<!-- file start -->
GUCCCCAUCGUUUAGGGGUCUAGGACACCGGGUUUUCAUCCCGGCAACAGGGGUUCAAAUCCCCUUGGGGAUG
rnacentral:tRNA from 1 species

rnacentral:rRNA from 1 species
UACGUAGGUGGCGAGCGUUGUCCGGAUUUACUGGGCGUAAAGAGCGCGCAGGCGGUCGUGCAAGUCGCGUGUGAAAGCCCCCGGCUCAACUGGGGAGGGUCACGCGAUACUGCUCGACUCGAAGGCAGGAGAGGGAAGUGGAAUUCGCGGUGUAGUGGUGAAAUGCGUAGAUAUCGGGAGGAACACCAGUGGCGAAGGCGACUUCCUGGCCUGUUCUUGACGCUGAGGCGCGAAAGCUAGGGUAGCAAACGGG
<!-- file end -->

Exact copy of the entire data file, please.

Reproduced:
GUCCCCAUCGUUUAGGGGUCUAGGACACCGGGUUUUCAUCCCGGCAACAGGGGUUCAAAUCCCCUUGGGGAUG
rnacentral:tRNA from 1 species

rnacentral:rRNA from 1 species
UACGUAGGUGGCGAGCGUUGUCCGGAUUUACUGGGCGUAAAGAGCGCGCAGGCGGUCGUGCAAGUCGCGUGUGAAAGCCCCCGGCUCAACUGGGGAGGGUCACGCGAUACUGCUCGACUCGAAGGCAGGAGAGGGAAGUGGAAUUCGCGGUGUAGUGGUGAAAUGCGUAGAUAUCGGGAGGAACACCAGUGGCGAAGGCGACUUCCUGGCCUGUUCUUGACGCUGAGGCGCGAAAGCUAGGGUAGCAAACGGG